By Ruth Henson
There are several factors that contribute to low profit margins for Zambian businesses :
1. Inconsistent government policies. Nobody knows what government policy will be for any reasonable period of time. Government can and does change the rules whenever it is politically expedient to do so. This can have unforeseen disastrous effects on businesses.
2. Excessive taxation. Every kwacha earned in Zambia is taxed over and over. Earn a salary and pay tax on it. Spend it and get taxed again. Pay your Zesco bill and pay excise tax which is then vatable. Anything imported is charged duty and then VAT even on the duty. Fuel has tax upon tax upon tax which then feeds into the cost of everything else. All this tax would make sense if it was fairly shared but those who can afford good accountants pay less, mines pay less, new investors pay less. The formally employed carry a disproportionate share. Again sharing on the expenditure side is disproportionate. Taxes pay for politicians children to go to expensive private schools and the children of the poor have to pay to go to school because government funding is insufficient to run the school.
3. Unfavourable exchange rates. Exchange rates favour importers not producers. Producers create employment. Importers export jobs to other countries but the un-employed cannot move to where the jobs are.
4. Excessive licence requirements and fees. An average tourist business in Livingstone needs 40 or 50 licences all of which have to be renewed and paid for annually. This is too many and overloads the business.
5. Excessive dependency ratios. The average working Zambian has too many dependents. This is partly due to high birth rates and partly due to lack of education and unemployment. On average one salary supports 15 people. This severely limits nutrition, education and health because all require money.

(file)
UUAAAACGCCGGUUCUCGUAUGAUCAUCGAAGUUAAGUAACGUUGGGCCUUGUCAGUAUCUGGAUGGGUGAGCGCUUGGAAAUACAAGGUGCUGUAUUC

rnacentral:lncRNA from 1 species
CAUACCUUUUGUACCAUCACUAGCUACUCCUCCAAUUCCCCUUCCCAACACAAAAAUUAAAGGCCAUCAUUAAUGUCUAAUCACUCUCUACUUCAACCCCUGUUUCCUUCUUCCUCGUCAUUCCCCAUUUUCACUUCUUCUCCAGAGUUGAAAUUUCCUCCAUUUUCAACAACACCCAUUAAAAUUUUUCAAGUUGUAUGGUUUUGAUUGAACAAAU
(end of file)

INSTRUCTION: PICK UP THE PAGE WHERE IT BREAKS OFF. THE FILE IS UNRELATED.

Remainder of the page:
6. No uniformity between the formal and informal sectors. The informal sector has no licences or taxation, no minimum wage, no NAPSA or workers compensation but they compete with and undercut the formal sector.
7. Very low levels of employment. Low employment levels result in very low levels of market. People without jobs do not spend much money.
8. Excessive variations in product prices. Market prices of products can vary by 50% or more. Prices can vary from profit to loss in a fairly short space of time. This is especially true of agricultural products.
9. Excessive variations in input prices. Input prices can change without warning by huge margins. This can be due to exchange rate fluctuations or inconsistent government policy or seasonal fluctuations.
10.Very high interest rates. Interest rates are more than double inflation rates, at least for borrowers. Savings interest rates are pathetic. This is one reason why banking is one of the few profitable businesses in Zambia.
11. Poor economies of scale due to very limited market. Optimum operational scales cannot be reached for many businesses because the market is too small.
12. Huge distances to cover to reach a large number of customers. To reach a significant number of customers in Zambia requires transporting a small number of products over a large distance. This adds significantly to the distribution costs.
Sunday, 14 November 2010
12 reasons why profit margins are low in Zambia
By Ruth Henson